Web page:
Japan, and almost 40,000 United States military personnel there, would also be in the cross hairs. The risk to American territory cannot be discounted, nor the prospect of China being drawn into a direct conflict with the United States. Then there would be the devastating impact of war on the global economy.

The national security adviser, H. R. McMaster, said last week that if North Korea “had nuclear weapons that can threaten the United States, it’s intolerable from the president’s perspective.” Surely, we must take every reasonable step to reduce and eliminate this threat. And surely there may be circumstances in which war is necessary, including an imminent or actual attack on our nation or our allies.

But war is not necessary to achieve prevention, despite what some in the Trump administration seem to have concluded. History shows that we can, if we must, tolerate nuclear weapons in North Korea — the same way we tolerated the far greater threat of thousands of Soviet nuclear weapons during the Cold War.

It will require being pragmatic.

First, though we can never legitimize North Korea as a nuclear power, we know it is highly unlikely to relinquish its sizable arsenal because Mr. Kim deems the weapons essential to his regime’s survival. The North can now reportedly reach United States territory with its ICBMs. The challenge is to ensure that it would never try.

By most assessments, Mr. Kim is vicious and impetuous, but not irrational. Thus, while we quietly continue to refine our military options, we can rely on traditional deterrence by making crystal clear that any use of nuclear weapons against the United States or its allies would result in annihilation of North Korea. Defense Secretary James Mattis struck this tone on Wednesday. The same red line must apply to any proof that North Korea has transferred nuclear weapons to another state or nonstate actor.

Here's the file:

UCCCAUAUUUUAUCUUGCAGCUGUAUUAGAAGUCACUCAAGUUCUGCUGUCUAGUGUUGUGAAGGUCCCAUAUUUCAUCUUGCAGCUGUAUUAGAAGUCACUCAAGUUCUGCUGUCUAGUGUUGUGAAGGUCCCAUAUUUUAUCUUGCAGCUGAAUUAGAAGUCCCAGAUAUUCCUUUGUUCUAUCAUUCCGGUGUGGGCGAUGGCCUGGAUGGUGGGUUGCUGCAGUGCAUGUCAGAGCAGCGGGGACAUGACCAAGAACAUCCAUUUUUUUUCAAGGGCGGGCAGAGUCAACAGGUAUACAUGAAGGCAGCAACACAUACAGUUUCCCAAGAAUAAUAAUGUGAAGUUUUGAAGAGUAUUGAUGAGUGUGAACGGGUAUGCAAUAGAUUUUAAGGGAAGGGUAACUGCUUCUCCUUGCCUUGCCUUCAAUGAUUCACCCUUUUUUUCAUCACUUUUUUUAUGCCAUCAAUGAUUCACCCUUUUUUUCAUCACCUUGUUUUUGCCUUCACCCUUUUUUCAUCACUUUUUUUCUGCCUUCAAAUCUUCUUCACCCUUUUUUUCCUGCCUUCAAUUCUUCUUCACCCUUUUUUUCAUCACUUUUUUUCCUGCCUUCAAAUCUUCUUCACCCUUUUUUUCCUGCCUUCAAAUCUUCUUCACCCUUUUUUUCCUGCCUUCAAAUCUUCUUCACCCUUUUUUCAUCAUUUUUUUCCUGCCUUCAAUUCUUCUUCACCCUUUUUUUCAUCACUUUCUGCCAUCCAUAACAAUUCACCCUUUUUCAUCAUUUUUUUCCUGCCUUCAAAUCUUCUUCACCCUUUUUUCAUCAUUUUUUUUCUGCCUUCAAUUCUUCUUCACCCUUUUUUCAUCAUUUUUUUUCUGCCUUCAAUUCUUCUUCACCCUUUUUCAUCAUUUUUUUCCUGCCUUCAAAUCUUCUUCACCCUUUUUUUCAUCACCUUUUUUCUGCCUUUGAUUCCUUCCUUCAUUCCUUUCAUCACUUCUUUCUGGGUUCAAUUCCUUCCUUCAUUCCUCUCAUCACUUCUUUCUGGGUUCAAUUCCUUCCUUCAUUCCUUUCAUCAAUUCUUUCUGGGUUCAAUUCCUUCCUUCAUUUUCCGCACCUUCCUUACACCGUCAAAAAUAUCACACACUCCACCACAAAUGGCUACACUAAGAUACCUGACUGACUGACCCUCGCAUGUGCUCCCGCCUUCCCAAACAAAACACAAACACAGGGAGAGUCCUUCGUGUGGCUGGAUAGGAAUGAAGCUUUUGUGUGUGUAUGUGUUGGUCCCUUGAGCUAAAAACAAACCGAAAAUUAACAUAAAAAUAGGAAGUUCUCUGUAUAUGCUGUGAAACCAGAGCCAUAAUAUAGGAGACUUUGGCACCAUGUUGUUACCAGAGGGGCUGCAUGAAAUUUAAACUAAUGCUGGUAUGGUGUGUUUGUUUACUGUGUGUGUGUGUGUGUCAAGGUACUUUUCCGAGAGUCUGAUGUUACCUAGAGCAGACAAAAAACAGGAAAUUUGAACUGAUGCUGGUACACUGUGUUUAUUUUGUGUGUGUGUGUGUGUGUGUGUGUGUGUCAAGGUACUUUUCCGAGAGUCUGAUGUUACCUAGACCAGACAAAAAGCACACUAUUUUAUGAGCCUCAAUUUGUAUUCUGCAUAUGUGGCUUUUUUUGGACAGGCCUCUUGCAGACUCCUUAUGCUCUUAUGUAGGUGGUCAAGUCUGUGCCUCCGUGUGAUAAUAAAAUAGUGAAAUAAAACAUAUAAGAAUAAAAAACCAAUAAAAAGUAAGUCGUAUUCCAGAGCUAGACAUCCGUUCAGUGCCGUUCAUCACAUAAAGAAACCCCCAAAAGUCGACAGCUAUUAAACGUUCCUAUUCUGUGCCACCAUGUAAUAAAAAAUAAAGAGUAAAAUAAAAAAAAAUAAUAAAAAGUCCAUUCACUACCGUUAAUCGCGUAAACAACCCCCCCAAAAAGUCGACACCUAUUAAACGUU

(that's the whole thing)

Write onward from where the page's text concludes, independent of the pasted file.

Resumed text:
Second, to avoid blundering into a costly war, the United States needs to immediately halt the reckless rhetoric. John Kelly, Mr. Trump’s chief of staff, must assert control over the White House, including his boss, and curb the Trump surrogates whipping up Cuban missile crisis fears.

Third, we must enhance our antimissile systems and other defenses, and those of our allies, which need our reassurances more than ever.

Fourth, we must continue to raise the costs to North Korea of maintaining its nuclear programs. Ratcheting up sanctions, obtaining unfettered United Nations authority to interdict suspect cargo going in or out of the North, increasing Pyongyang’s political isolation and seeding information into the North that can increase regime fragility are all important elements of a pressure campaign.

Finally, we must begin a dialogue with China about additional efforts and contingencies on the peninsula, and revive diplomacy to test potential negotiated agreements that could verifiably limit or eliminate North Korea’s arsenal.

Rational, steady American leadership can avoid a crisis and counter a growing North Korean threat. It’s past time that the United States started exercising its power responsibly.